Make your tree the real deal
A real tree or a fake one? That has been a big debate the last decade or so as more and more people have purchased artificial trees.
Artificial trees do have their appeal. They don’t shed needles all over the living room at the end of the holidays. They are easy to pack away in a box and stash in the attic. They look more realistic than ever. Some are fire retardant.
But, you know there is something missing from all this convenience. To me there isn’t any heart in it.
First, just getting the tree can turn into some of the best family quality time you can have during the holidays. Whether you go to a tree lot or to a u-cut tree farm, it can be an adventure for everyone. You can’t beat the excitement in the kids, even the big ones, when you find just the right one. I wouldn’t trade that memory for the world. An added benefit is what we pay for the tree stays in the local economy.
Second, a real tree is a better environmental choice than an artificial one. Artificial trees are made out of plastic and metal from nonrenewable resources like petroleum and aluminum. An artificial tree might last 10 years before it ends up in the landfill where it can last for many decades. When an artificial tree does burn, they may release toxic gasses that compound an already dangerous situation.
Most Christmas trees are grown on farms these days like any other agricultural crop, so the argument that you are taking a tree out of the forest really isn’t accurate. Most tree farms are replanted every 10 years with a variety of species of trees so they make great wildlife habitat year round. The sheared trees grow very thick and are a favored cover for birds in the winter. An acre of Christmas trees provides the daily oxygen requirement for 18 people. The growing trees also filter out dust and pollen.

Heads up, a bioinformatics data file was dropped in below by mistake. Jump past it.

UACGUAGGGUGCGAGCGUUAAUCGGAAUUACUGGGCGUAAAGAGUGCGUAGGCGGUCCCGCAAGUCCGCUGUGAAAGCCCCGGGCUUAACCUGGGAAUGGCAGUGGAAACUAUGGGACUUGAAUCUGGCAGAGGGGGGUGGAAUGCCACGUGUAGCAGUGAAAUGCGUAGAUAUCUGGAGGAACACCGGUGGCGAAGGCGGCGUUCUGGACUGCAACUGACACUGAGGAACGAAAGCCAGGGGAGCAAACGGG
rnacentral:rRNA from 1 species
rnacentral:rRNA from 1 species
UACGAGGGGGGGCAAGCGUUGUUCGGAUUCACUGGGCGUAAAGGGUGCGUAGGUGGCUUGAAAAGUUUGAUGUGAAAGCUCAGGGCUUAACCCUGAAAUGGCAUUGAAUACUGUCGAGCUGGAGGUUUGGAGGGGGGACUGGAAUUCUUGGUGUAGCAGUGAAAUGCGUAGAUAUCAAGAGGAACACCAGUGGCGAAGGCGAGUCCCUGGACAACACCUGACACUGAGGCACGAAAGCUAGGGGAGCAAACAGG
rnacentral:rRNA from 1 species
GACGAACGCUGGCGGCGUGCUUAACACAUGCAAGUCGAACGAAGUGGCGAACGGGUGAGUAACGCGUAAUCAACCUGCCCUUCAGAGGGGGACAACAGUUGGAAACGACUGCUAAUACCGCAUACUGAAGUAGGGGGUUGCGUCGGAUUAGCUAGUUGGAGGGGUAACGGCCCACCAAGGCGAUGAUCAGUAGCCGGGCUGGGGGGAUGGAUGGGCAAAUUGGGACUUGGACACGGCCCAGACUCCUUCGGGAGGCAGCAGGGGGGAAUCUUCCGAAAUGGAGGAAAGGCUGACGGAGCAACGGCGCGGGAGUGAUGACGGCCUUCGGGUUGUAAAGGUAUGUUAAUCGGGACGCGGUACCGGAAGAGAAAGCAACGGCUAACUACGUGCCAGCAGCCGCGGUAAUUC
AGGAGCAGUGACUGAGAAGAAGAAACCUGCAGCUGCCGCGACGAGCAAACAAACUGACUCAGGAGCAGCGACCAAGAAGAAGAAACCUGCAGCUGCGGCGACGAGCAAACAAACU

Last, a real tree gives back to the environment at the end of the holidays. You can use the branches to cover tender garden plants over the rest of the winter. In the spring, they can be chipped up and used for mulch in the garden.
Many communities including Spokane and others in the Inland Northwest have community collection programs. School and civic groups collect the trees as a fundraiser to support their activities. The trees are then chipped by a variety of entities and recycled back into community parks, gardens or to farms for animal bedding and other agricultural uses.
Do you get all that out of a box of plastic and metal?